The rise in commodity prices is a reality in the country, seen every day. The effects are already impacting the pocket due to the various essential items, reaching to weigh even in the electric car battery. Now, to the warnings given in recent months, joins the Korean research institute SNE Research. The figures released last Friday (16) are not pleasant as they highlight significant price increases by the Korean industry, ranging from 30% to 40% to more than last year's $150 per kWh. The question that doesn't want to be silent is: when will we see the impact of this increase in batteries? And the answer is simple: between 2024 or 2025, according to SNE data.
According to SNE Executive Vice President James Oh, during a recent seminar in Seoul, the company met with Korean cell manufacturers, prompting the company to change its outlook for used electric car battery prices.
The expectation, according to the Koreans, is that this component will increase in 2024 or 2025. The companies, in fact, did not go into details regarding the numbers, but it is worth mentioning that, according to the forecasts made, the increase will reach 40%.
Of lithium to the nickel, moving on to cobalt and manganese, almost all minerals must play a leading role in this bad phase of electric car batteries, which will have a cascading effect on the cells. However, things can get even worse for the solid state batteries. At the same event, Jay Kim, vice president of LG Energy Solution, stated that component production costs could increase by up to 100%.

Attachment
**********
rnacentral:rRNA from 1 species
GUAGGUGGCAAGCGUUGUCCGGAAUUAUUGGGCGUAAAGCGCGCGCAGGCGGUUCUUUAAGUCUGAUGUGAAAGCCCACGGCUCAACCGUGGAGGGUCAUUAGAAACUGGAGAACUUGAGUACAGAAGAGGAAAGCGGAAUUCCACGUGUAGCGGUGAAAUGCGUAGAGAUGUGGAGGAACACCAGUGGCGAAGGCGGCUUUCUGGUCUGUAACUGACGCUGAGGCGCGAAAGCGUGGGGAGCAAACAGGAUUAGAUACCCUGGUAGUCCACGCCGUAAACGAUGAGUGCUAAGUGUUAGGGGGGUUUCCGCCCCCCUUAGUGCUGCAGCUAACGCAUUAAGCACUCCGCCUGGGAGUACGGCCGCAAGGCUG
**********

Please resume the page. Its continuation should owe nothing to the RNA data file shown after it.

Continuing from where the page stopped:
At solid state batteries are based on sulfide electrolytes and are extremely expensive compared to other types as they need a lot of lithium. Sulfide electrolyte values may have doubled levels compared to last year.
Once the problems are understood, it is necessary to analyze to find possible solutions. James revealed that electric car makers are pushing Korean partners to produce more prismatic cells rather than package cells and to sign new long-term contracts.
the billionaire Elon Musk recently posted, on one of his social networks, his interest in entering the mining sector, mainly in lithium extraction, to keep the flow of the metal supplying the necessary demands for the production of electric car batteries.
Musk claims that the price of raw material is out of control, so much so that the company would have to enter the mining and refining segment. There is no shortage of lithium, as lithium is found in almost every part of the planet, but the pace of extraction and refining is slow.
The billionaire's concern involves one of the essential commodities for the operation of electric cars. The same happens with other materials such as copper, cobalt and nickel, all essential, especially in a scenario where the use of electricity is proposed as a unique alternative to oil.
The businessman is betting that the purchase of vehicles with batteries will expand greatly in the near future, and proof of this are the official openings of two new factories of his automaker, one in Berlin, to supply the European market, and another in Austin, in Texas.